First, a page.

There are two possible things to be concerned about when owning these companies during an Inflationary period. First, Inflation is unlikely to go straight up forever, as there will be inevitable times of low inflation or even deflation. So, it is unlikely that one would want to hold these stocks infinitely, but rather to trade them at signs that inflation may be cooling. The other thing to watch is to see if their rate of earnings / revenue growth is keeping pace with their costs, as many of their input costs (Materials, Energy, Skilled Labor and more) will also be rising at a fast pace. So, watch to see if the bottom line is increasing as fast as the top line.
As for the last two, TIPS is the easier one to explain. Having an investment that is designed to return slightly over the cost of inflation is a good thing during a period of Inflation. What is not a good thing is that it doesn't necessarily track the rate of the "true" inflation. The other concern is one of taxes, so these are best owned in your Tax-free accounts.
As for Defense stocks, Leeb claims that the US will have to spend an increasing amount to bolster their Military to allow them to replace a lot of older equipment, as well as to increase their strength to defend access to necessary future resources. I think this is a reasonable scenario and would subscribe to this theory.
My Personal recommendations to play this Theory:
Oil Producers (CNQ, SU, COP, DVN)
Oil Services (RIG, BHI, SLB, WFT)
Base Metal Miners (BHP, TCK.B)
Solution Companies (FLR, Veolia)
Gold Producers (G, ABX)
TIPS - TIP
Defence - Northrup Grumman (NYSE:NOC
Leeb Theory #5
One of the only companies that do not fall under the above list who will thrive will be Berkshire Hathaway
Leeb's theory has more to do with Berkshire's Re-Insurance business than with the stock picking prowess of Buffett. This is obvious, as while he praises Berkshire's Insurance businesses, Leeb also criticizes owning many of the very companies that make up a significant part of their Stock holdings (namely AXP and KO). Leeb's theory is that Berkshire's tremendous strength is their large position in the field of Reinsurance, which he refers to as a "rapidly growing Industry". With their strong Capital base (one that Leeb claims is 3x larger than its nearest competitor), he feels that this should ensure growth in the "Mid-Teen percent" area, even during times when other Insurers/Reinsurers are performing badly.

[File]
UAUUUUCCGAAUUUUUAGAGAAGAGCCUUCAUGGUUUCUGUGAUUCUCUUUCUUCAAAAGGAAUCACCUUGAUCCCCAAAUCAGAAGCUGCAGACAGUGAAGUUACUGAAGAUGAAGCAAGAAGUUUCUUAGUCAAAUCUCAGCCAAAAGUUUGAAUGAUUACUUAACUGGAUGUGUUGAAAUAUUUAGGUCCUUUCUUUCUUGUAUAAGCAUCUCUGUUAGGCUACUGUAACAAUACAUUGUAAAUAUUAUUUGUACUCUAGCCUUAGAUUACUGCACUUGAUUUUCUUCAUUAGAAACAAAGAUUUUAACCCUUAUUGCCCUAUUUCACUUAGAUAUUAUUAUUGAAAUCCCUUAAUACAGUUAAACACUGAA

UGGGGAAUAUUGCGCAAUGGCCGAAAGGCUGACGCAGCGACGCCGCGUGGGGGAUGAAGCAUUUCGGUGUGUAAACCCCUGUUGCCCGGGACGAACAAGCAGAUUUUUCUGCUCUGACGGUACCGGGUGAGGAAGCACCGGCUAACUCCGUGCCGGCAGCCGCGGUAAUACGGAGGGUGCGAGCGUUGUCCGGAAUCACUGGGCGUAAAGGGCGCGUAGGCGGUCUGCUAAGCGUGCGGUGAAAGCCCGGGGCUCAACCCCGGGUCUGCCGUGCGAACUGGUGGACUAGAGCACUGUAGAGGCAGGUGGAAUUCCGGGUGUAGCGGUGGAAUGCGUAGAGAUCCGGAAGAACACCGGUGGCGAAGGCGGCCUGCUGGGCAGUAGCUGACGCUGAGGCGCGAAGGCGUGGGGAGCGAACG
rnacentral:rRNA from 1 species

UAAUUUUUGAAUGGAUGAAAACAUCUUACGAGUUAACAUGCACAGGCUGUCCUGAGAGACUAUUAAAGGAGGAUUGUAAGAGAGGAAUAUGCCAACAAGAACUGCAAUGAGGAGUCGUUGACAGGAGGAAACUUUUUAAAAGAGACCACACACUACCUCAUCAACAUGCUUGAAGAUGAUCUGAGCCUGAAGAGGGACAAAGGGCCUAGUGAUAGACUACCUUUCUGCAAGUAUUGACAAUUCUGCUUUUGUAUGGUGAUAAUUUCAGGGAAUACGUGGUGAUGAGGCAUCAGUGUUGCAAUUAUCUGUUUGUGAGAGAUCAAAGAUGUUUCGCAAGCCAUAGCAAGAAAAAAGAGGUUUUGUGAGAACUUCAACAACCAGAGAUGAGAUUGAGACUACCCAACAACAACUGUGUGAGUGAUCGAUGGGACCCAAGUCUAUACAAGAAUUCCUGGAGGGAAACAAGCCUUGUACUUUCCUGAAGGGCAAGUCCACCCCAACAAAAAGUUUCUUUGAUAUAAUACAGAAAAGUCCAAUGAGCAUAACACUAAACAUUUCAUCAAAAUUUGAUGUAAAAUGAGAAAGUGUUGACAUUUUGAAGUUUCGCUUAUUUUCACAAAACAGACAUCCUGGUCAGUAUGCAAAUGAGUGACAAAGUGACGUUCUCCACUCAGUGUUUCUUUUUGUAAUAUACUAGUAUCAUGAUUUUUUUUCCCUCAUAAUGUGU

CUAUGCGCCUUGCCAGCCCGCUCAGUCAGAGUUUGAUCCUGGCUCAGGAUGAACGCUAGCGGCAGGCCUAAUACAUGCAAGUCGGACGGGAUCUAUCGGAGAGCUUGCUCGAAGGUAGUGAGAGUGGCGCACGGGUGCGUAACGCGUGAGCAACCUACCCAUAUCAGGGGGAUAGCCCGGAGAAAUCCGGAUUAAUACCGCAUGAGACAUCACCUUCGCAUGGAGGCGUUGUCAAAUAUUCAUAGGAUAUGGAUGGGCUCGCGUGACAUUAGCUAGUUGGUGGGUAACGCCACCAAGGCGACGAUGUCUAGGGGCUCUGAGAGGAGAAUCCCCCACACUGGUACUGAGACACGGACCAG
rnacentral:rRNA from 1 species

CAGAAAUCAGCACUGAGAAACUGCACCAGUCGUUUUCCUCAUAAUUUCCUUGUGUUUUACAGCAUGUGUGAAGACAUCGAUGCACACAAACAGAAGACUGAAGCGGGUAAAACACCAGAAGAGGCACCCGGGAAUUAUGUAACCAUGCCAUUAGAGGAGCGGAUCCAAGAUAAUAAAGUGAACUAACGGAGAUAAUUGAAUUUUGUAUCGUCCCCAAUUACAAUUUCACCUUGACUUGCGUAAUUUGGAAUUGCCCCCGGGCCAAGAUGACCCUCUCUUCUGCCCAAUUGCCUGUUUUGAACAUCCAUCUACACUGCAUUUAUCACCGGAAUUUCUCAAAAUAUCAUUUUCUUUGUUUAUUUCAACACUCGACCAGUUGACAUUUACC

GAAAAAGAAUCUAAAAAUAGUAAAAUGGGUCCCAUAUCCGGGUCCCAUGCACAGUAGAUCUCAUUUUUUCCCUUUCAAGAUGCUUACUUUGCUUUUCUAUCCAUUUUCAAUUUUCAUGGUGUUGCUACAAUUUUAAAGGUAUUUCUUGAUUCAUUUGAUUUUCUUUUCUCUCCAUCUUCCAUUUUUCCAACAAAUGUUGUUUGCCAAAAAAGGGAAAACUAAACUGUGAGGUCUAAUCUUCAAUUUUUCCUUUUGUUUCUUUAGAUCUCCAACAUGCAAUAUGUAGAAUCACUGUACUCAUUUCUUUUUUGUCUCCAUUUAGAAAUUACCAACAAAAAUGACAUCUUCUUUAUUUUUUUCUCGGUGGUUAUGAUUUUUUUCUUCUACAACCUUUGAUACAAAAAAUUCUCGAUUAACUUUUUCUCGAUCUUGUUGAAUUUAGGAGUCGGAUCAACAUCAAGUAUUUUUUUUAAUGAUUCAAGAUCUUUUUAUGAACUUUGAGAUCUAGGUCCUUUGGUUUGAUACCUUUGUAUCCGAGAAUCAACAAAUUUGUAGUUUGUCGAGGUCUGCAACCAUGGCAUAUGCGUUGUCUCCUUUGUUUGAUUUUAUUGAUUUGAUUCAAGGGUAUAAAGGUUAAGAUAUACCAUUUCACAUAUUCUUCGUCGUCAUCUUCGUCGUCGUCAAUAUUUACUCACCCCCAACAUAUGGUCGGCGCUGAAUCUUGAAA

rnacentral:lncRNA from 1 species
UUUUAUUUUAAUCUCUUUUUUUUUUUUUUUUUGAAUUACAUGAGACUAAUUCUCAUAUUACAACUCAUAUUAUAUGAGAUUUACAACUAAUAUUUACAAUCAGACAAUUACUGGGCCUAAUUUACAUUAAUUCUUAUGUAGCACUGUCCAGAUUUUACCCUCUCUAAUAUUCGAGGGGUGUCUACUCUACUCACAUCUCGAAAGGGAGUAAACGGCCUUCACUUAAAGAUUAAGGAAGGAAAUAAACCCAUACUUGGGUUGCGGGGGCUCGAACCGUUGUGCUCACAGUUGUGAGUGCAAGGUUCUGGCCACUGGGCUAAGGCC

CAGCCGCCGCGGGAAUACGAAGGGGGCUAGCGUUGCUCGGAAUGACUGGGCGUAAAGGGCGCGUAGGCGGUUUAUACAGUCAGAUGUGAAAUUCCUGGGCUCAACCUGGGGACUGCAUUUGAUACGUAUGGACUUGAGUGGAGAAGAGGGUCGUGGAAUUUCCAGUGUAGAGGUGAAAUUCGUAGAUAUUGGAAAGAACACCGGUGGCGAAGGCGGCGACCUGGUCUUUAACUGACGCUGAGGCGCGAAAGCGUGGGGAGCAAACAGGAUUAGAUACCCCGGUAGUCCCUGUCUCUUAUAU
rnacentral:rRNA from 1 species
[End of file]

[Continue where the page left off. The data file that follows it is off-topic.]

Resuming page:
Leeb Theory #6
One would be wise to invest in the "BRAC" Countries (Brazil, Russia, Australia and Canada) as these are the 4 countries who have the most resources that they are able to export
This is a bit of a variation of the famous "BRIC" acronym which refers more to the top 4 emerging economies. What Leeb is getting at is that these countries will be in a position to export significant amounts of at least one of the key resources needed by the world. His advice is to invest in all aspects of these economies, but for slightly different reasons.
The "BR" part of the equation are more growth plays. While they will be exporting a significant amount of their resources (which you can invest in through ETF), you are also investing in the domestic growth that these two emerging economies are going to undergo. In the case of the "AC" countries, you are investing more in their export side of their economies as neither of these countries are likely to see the same growth rate as the first two. This helps to balance out the risk/reward equation.
In the case of Canada, you are getting the widest variety of resources (as they have dominant resources in Oil, Nat Gas, Potash, Diamonds, Uranium, Base Metals and Fresh Water), where as the other ones tend to have their resources more focuses on a couple of different commodities.
I do differ a bit from Leeb in one manner, in that he mentions owning an ETF for the Broad stock market for each individual country. While this may make some sense, you do have to be careful in that you may be owning significant parts of your portfolio in companies that will not do well in the upcoming Inflationary environment.
In the case of Canada, you would be owning up to 40% of the portfolio in Financial-related Stocks, many of which have significant presence in areas of the world that may not do well in the upcoming times. My preference would be to own stocks that are direct plays on the commodities themselves, plays on where the wealth of the commodities may be invested, and direct plays on the increased wealth of the economy (such as Retail companies/REITS that are specifically focused on those domestic markets)
Overall, as a small investor, I can only hope that Leeb's theories do not come true (I believe that he even states this in the book). The reality is that the book shows a long-term view on a problem that many investors/politicians may be too short-sighted to see. I would recommend it as a good read, even if you don't subscribe to his theories.
Disclosure -- Long on TRP, GLD, RIG, BHI, SLB, WFT, TIP, BRK.B,
No Current Short Positions in any of the stocks mentioned.